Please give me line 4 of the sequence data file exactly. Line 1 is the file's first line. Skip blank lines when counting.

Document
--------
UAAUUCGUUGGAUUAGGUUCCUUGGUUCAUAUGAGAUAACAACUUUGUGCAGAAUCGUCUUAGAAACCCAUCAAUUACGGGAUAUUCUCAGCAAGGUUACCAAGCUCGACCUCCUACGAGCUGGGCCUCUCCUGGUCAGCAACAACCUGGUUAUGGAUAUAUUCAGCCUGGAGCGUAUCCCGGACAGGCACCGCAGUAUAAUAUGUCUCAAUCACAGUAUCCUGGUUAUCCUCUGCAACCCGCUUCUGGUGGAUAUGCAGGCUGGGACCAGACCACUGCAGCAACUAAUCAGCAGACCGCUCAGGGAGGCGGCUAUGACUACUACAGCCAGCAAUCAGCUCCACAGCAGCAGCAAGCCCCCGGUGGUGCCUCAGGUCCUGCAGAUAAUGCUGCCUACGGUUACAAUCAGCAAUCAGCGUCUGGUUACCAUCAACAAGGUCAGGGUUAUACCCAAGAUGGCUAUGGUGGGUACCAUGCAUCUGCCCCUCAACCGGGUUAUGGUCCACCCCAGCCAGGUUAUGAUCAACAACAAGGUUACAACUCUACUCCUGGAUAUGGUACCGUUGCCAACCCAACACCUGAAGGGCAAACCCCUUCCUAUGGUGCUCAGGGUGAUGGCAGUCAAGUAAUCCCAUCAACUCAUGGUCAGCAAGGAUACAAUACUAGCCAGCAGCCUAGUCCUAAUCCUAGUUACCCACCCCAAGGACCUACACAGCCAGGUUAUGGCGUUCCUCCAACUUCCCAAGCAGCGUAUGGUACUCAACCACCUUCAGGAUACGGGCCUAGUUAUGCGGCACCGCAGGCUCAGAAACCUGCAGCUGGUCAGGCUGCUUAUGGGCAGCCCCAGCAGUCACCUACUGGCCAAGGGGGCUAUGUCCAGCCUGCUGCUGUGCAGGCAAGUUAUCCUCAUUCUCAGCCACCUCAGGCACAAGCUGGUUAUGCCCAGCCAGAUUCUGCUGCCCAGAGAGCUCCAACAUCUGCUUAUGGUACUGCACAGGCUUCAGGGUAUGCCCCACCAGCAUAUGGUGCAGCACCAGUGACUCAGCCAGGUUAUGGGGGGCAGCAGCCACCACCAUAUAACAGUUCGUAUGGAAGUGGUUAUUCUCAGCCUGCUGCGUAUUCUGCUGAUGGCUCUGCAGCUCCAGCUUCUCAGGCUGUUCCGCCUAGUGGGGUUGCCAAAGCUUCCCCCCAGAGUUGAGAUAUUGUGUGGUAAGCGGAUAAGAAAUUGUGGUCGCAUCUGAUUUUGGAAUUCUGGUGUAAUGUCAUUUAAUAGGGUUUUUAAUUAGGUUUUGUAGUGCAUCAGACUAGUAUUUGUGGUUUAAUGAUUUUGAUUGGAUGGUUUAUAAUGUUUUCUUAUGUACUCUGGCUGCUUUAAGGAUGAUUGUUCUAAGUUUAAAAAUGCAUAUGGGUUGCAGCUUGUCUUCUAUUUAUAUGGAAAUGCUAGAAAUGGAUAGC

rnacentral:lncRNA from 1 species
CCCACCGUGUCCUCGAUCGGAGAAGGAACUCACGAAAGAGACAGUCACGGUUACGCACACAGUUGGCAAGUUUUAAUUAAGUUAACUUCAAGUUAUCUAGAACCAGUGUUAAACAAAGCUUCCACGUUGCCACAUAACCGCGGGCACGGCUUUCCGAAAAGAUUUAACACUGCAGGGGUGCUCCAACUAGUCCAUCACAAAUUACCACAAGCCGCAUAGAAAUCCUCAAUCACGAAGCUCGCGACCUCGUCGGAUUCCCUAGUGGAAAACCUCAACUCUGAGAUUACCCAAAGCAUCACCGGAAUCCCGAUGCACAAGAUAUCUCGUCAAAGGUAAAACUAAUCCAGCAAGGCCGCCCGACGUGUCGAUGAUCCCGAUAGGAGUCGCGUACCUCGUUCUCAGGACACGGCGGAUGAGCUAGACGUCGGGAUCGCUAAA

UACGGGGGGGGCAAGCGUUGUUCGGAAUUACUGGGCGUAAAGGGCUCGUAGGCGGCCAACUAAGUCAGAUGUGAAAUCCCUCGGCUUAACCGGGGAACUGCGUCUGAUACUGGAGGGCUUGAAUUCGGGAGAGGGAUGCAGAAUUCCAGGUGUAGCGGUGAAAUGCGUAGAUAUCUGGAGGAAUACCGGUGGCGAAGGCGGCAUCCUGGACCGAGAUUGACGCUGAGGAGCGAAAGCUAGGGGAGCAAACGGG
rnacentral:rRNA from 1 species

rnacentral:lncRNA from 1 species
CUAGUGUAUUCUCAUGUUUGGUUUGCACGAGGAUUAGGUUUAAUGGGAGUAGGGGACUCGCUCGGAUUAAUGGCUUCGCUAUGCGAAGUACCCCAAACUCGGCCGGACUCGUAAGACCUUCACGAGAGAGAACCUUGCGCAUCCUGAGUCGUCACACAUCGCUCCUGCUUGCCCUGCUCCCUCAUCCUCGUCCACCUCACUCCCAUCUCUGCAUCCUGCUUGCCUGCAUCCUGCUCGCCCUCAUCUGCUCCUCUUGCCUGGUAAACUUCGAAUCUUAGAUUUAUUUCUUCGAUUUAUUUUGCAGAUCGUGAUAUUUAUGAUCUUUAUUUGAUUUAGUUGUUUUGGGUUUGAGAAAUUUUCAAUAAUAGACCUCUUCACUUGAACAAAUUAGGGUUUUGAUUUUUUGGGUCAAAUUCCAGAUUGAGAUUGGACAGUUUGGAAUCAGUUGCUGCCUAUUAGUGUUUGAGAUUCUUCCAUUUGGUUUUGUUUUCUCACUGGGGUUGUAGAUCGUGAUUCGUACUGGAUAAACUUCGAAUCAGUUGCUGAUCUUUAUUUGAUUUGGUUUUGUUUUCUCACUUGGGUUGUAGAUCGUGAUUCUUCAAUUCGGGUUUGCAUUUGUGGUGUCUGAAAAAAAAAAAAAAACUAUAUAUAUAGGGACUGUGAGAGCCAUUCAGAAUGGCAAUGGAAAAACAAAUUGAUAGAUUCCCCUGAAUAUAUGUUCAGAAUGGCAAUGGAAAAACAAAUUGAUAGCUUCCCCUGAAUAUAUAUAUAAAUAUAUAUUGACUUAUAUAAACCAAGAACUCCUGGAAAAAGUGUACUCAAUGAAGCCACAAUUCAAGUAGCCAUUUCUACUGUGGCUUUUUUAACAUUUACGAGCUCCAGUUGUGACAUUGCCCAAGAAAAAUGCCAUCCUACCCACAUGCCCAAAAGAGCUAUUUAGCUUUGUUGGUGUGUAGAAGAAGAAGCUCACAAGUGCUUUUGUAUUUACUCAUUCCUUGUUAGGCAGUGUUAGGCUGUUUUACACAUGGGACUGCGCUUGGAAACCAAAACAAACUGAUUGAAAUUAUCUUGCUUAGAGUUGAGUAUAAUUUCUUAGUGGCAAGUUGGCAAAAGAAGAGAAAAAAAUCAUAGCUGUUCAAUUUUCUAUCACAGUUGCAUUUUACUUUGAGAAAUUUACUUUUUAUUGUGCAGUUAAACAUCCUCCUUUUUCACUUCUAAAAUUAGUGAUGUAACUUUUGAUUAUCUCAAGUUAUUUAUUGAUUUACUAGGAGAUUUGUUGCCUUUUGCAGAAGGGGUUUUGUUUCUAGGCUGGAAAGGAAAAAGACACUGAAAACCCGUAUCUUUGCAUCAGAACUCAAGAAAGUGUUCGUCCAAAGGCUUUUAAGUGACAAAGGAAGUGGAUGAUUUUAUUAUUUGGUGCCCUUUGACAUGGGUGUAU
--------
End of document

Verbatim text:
UACGGGGGGGGCAAGCGUUGUUCGGAAUUACUGGGCGUAAAGGGCUCGUAGGCGGCCAACUAAGUCAGAUGUGAAAUCCCUCGGCUUAACCGGGGAACUGCGUCUGAUACUGGAGGGCUUGAAUUCGGGAGAGGGAUGCAGAAUUCCAGGUGUAGCGGUGAAAUGCGUAGAUAUCUGGAGGAAUACCGGUGGCGAAGGCGGCAUCCUGGACCGAGAUUGACGCUGAGGAGCGAAAGCUAGGGGAGCAAACGGG